June Poetry: Two Poems by Theophilus Kwek

"Fifty-One" and "The Gamble"
June 20, 2017

Image Credit: Lennart Tange via Flickr

Our two June poems by Theophilus Kwek borrow wisdom from the spirit of children for withstanding life’s unpredictable losses. “Fifty-One” paints a portrait of grief’s quiet monotony, which manifests as the morning spent “tending the fire in the urn downstairs” and resigning to chores. The poem’s contemplative, nostalgic tone echoes in “The Gamble,” which begins as a lively account of a children’s game before unfolding as a metaphor for “our longer hours… spent / In fruitless pursuit” and for “our hands’ imperfect work.”​

— Eugenia Leigh, Poetry Editor


       9th August, 2016

This year, it falls in the seventh month,
Which is when the dead remember us.
Now that I live alone, I’ll spend the morning
Tending the fire in the urn downstairs:
The grass is red and white with last night’s joss.

In the afternoon, if it doesn’t rain,
I’ll do the laundry. Take the curtains down,
Hang out the sheets. It’s hard to find
Another day like this for a thorough clean.
Believe me. Something’s always left undone.

Evenings are usually when I phone the girls.
Not today. It’s a long weekend, so they’ll have gone.
I’ll take a walk instead, then lock the door.
It’s said that most can’t quite get past the step,
But you never know what spirits lurk beyond.

Mother used to say as we get older,
We take after our children more and more.
I’m not so sure. My second one is braver,
Asks, every year, why I would bother.
My first won’t even come close to our altar —

She’s found something better to explain
What we’re for, where we go to when we go.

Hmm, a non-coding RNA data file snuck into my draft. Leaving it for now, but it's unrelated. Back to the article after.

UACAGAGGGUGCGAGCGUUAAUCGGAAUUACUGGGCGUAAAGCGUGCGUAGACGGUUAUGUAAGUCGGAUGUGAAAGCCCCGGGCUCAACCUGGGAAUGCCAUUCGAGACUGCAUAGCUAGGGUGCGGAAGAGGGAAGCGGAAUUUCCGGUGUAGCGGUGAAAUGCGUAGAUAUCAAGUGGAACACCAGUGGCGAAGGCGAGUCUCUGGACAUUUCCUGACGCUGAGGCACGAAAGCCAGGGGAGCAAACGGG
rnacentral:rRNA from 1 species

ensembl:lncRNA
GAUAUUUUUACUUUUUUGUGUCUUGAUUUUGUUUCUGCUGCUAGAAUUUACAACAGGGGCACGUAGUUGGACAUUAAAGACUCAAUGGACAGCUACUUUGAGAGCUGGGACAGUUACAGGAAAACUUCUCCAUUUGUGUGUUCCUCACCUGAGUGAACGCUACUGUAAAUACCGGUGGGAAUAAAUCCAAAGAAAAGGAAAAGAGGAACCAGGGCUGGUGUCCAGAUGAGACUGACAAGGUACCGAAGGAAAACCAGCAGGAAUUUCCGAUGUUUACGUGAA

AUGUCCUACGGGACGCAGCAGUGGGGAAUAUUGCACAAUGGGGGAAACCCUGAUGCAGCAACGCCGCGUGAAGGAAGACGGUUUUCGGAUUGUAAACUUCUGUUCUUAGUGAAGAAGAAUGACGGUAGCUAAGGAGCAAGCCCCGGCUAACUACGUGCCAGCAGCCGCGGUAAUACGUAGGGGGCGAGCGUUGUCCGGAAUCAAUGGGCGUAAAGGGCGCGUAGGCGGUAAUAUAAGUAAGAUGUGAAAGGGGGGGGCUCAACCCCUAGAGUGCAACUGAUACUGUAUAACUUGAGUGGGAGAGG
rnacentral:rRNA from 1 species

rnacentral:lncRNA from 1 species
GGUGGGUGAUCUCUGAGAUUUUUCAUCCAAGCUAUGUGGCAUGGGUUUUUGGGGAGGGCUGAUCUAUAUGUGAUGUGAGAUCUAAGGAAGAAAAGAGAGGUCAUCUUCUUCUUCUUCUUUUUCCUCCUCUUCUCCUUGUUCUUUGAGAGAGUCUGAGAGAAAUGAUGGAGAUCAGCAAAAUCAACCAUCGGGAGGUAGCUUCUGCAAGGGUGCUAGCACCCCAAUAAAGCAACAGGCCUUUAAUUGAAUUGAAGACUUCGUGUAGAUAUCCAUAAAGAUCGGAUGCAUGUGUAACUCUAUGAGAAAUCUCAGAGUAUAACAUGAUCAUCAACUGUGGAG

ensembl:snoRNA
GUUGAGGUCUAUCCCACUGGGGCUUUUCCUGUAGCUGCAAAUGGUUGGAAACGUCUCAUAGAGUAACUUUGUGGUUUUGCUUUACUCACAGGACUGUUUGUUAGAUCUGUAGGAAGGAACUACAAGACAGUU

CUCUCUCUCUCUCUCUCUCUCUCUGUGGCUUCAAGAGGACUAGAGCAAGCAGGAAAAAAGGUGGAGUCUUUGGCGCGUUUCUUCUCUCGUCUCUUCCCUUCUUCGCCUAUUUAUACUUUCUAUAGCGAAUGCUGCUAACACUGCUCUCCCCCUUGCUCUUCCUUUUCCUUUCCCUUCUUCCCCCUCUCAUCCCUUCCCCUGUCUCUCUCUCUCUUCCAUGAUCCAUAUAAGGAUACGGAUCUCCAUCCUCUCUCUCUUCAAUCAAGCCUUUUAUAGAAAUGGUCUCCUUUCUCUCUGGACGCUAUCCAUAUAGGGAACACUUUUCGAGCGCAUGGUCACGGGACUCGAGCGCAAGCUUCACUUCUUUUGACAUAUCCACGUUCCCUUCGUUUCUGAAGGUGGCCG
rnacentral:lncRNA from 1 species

Where else but here? That’s what I’d like to know.
It was I who taught her to ask such questions.
With age, these are the things that start to show.


The Gamble

       ‘Oh-yah-pay-yah-sohm’, lit. ‘black-and-white-and-count’: a system for drawing lots,
       where all players display their palms at the same time, either facing up or down; a children’s game.

Believe me when I say it meant everything
Not to be caught with your palm open,
Pearl-white and marking you out among
Sunned knuckles, wrists wrapped in veins,
Nails rich and streaked with too much earth.

One wrong move could cost an afternoon,
Seeing as there was no deliverance
From being chosen by your own hand
As fire, hunter, damned to the far-fetched chance 
That your quarry, set free at a touch

Might run out of steam, or in a moment’s
Distraction deliver an unlucky ally. 
And so all our longer hours were spent
In fruitless pursuit, until finally
What began to dawn as a kind of truth —

Even then — became inescapable.
The empty hand, the curse of the chase, fear
Driving through the field of broken hurdles,
A parched track, grass beaten under…
Too close, the cut of childhood’s metaphors

For shorter days in taller houses,
Far safer to keep the children indoors
Than have them learn, by trial if not error
How after each round, our hands’ imperfect work
Was forgiven by their turning over.  


Theophilus Kwek

Theophilus Kwek has published three collections of poetry, as well as a recent pamphlet, The First Five Storms (2017). He won the Martin Starkie Prize in 2014, the Jane Martin Prize in 2015, and the New Poets’ Prize in 2016, and was recently placed Second in the Stephen Spender Prize for Poetry in Translation, 2016. Having served as President of the Oxford University Poetry Society, he is the Co-Founder of The Kindling and a Co-Editor of Oxford Poetry.